(.11 i rido, the dir -:tar And expl ained the si tuation.
i the 16th I met Mr Hamilton arid also explained the ,situation.
-- -. . .

Dit the 27th Major Juma of the Kenya Army visited and asked'
quLeatiorns about the Somali situation. I gave him'a report and a
map of O3alaria and showed him some photographs if flephaht that
had] been killed by Shifta.
onil the 20-th an arr-angement was Made -for me to meet r Olirido in
Vi. and brief him an the situation. I did so and gave. him a map
polintinqg [it the areas where we expected the Shi ta' t'-b and
also a description of the p~rmalent water i n the hotherhi area of
the Ranch.
I was away for three days at tie end of the month and on my.
return discovered that the operation to deal With the 8hifta was
' rr tder-way -i ~~~ a




REPORT ON THE GOVERNMENT OPERATION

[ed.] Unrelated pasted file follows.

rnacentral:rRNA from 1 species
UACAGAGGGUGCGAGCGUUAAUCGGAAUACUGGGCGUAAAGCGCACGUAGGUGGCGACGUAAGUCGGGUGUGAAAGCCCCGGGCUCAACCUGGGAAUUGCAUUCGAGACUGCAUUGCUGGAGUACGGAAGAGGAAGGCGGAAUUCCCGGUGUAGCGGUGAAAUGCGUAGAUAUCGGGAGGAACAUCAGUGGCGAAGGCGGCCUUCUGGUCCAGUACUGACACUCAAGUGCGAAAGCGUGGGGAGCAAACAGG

On my return to Galatia on the 4th October I was told -that 12
ver-h)icles had been seen at Koromado by Emarnuel anid that. he had
reported it over the radio.
'That same evening I saw the vehicles going through HU. A G)SU
officer asked me for- directions to the causeway and'then a few
minutes later all the vehicles .came through HU And went towards
the. causeway. Later that evening Henry enley and Mr Anderson
camlte and saw me And gave me a report on what had happened that
day. I was told the the force that I had seen that evening were
camped on the river just beyond the causeway.
The Following day Mr Anderson told me that the fortes had been to -
the lodge arid thlat Henry hail given therm the lion skins and 4
Elephant tusks that Henry had recovered from dead EIephart in the
Laii Hills area. This force, led by -the deputy,CPD Kilifi, theni
left the Ranch .
J1 th- meantime I hear d that Terence had met 'the same force on
the 4th, the day they arrived arid sent them up to Tank M on the
i pel r e. They went as far as Tank N, about5kms short oF Tank M
a~rld then turned around. I understand that they, had some of our
petiple to show them the way and that our people then went'. to
Swan's boma near Tank M. Near the boma they met soMeL Shifta and